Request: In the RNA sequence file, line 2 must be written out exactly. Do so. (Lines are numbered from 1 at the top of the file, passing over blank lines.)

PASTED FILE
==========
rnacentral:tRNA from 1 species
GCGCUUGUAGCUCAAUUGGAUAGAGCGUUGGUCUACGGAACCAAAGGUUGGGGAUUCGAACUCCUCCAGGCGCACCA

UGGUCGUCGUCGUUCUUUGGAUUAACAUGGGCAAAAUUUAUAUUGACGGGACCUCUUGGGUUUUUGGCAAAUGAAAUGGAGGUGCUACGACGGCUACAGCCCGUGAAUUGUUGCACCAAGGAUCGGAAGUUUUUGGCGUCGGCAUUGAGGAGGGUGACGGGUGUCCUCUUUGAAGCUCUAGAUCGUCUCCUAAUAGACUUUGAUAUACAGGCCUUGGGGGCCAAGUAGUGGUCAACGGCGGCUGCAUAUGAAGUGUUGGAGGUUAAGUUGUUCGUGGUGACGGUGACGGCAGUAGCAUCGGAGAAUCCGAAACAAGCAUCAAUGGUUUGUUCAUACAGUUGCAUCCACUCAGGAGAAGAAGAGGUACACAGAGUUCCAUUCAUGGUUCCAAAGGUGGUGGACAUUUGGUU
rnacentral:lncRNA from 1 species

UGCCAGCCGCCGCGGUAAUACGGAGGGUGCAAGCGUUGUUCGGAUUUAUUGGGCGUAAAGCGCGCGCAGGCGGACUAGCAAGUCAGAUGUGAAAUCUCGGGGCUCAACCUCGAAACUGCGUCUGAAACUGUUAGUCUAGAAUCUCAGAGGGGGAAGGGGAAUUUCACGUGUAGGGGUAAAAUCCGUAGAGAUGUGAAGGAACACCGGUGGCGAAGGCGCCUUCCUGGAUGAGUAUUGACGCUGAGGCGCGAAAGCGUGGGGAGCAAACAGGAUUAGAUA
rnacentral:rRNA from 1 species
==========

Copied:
GCGCUUGUAGCUCAAUUGGAUAGAGCGUUGGUCUACGGAACCAAAGGUUGGGGAUUCGAACUCCUCCAGGCGCACCA